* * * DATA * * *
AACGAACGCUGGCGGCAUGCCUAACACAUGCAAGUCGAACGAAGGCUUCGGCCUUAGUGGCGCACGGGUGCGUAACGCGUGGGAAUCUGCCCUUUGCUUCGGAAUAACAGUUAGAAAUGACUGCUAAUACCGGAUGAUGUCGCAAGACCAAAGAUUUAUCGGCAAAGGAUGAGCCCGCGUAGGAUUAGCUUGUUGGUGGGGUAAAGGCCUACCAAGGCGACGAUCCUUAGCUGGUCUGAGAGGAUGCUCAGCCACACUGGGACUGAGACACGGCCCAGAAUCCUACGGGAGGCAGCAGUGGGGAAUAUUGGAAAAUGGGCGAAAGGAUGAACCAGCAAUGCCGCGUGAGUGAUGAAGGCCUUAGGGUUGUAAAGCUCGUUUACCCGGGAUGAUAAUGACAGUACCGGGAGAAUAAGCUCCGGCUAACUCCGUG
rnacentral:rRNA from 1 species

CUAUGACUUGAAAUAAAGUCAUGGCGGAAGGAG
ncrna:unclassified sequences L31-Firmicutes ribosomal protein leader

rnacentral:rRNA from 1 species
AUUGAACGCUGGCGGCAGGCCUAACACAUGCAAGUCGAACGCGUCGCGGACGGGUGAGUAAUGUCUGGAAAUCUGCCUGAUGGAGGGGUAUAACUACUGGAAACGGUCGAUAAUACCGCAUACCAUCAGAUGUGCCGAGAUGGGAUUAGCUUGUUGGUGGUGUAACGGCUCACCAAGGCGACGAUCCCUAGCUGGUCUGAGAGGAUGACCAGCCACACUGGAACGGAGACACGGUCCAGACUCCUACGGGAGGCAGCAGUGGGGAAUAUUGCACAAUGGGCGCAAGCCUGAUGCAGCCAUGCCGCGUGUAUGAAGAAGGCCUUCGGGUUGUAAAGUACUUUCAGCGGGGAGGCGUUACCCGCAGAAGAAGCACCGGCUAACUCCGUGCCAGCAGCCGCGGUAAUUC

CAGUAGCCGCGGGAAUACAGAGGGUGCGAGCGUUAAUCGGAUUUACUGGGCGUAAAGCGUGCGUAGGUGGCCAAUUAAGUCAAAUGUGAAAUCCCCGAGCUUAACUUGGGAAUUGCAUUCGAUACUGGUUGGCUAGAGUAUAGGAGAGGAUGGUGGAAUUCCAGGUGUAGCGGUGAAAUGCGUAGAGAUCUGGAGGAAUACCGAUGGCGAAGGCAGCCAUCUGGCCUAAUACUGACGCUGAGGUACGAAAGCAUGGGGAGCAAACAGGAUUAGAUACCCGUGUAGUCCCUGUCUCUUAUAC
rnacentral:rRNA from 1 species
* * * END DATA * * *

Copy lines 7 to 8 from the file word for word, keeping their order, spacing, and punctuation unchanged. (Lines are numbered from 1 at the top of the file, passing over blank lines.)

CAGUAGCCGCGGGAAUACAGAGGGUGCGAGCGUUAAUCGGAUUUACUGGGCGUAAAGCGUGCGUAGGUGGCCAAUUAAGUCAAAUGUGAAAUCCCCGAGCUUAACUUGGGAAUUGCAUUCGAUACUGGUUGGCUAGAGUAUAGGAGAGGAUGGUGGAAUUCCAGGUGUAGCGGUGAAAUGCGUAGAGAUCUGGAGGAAUACCGAUGGCGAAGGCAGCCAUCUGGCCUAAUACUGACGCUGAGGUACGAAAGCAUGGGGAGCAAACAGGAUUAGAUACCCGUGUAGUCCCUGUCUCUUAUAC
rnacentral:rRNA from 1 species